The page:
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Navigating a Successful Platform Partnership

Navigating a Successful Platform PartnershipPlatform partnerships are key to many corporate technology strategies. When their different services are integrated, companies are able to reach more customers, deploy new services and harness IT resources more efficiently.

Instore, a software company providing mobile point-of-sale solutions to retail merchants, has been able to grow its customer base through a network of technology partners. For example, Instore partnered with Mercury Payments to offer efficient payment processing out of the box instead of building an entirely new system from scratch.

Matt Niehaus, Instore’s CEO, explained that these kinds of integrations have been invaluable for helping his company meet growing customer demands.

“We get a large amount of requests from our merchant customers to help them grow their business and run more efficiently,” said Niehaus. “Example requests include online ordering, customer rewards, gift cards, and better analytics.”

Instead of building new product features using in-house staff, Niehaus and his team rely on partnerships with vendors to fill the gaps.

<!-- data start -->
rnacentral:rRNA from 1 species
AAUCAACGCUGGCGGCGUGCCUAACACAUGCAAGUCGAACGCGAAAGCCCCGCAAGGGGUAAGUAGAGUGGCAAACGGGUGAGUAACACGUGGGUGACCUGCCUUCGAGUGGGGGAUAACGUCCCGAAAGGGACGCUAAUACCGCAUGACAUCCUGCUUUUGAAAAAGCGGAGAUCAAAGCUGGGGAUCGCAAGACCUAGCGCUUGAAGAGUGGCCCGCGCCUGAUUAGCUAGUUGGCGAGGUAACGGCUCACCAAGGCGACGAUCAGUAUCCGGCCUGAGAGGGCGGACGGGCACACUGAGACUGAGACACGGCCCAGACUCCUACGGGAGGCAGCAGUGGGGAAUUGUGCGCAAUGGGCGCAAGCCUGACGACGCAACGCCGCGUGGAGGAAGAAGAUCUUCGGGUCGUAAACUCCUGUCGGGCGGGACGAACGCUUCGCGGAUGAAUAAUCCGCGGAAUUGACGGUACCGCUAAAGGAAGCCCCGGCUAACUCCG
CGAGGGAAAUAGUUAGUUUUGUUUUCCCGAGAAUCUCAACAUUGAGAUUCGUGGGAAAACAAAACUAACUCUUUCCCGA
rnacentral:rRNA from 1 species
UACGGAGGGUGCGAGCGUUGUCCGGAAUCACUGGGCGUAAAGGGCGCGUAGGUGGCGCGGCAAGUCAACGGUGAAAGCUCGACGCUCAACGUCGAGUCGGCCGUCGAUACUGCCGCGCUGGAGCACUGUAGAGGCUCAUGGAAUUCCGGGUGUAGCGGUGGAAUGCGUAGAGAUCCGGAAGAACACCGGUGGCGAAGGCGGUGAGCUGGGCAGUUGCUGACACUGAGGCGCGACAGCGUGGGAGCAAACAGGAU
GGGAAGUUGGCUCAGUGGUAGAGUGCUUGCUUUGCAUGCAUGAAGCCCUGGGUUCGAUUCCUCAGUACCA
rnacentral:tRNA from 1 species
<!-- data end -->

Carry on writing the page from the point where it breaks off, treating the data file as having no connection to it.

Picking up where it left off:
“Integration partners allow us to offer more services sooner,” said Niehaus. “We also save on the cost of developing these services, which can be quite large for complex features.”

Ensuring Alignment with Partners

Integration partnerships can be resource intensive and expensive to implement. Before decided to pursue a deal, Niehaus and his team look to ensure that both companies will derive a significant return on investment.

Currently, Niehaus and his team are working on setting up a partnership with an online food delivery service.

“We have an excellent alignment of interest in that both parties benefit quantitatively and qualitatively from the other’s services,” said Niehaus.

To ensure a successful product integration, Niehaus recommends that organizations look for partners with the following characteristics:

  1. They target a similar customer base.
  2. Their product(s) will help your company build its offerings comprehensively and over the long term.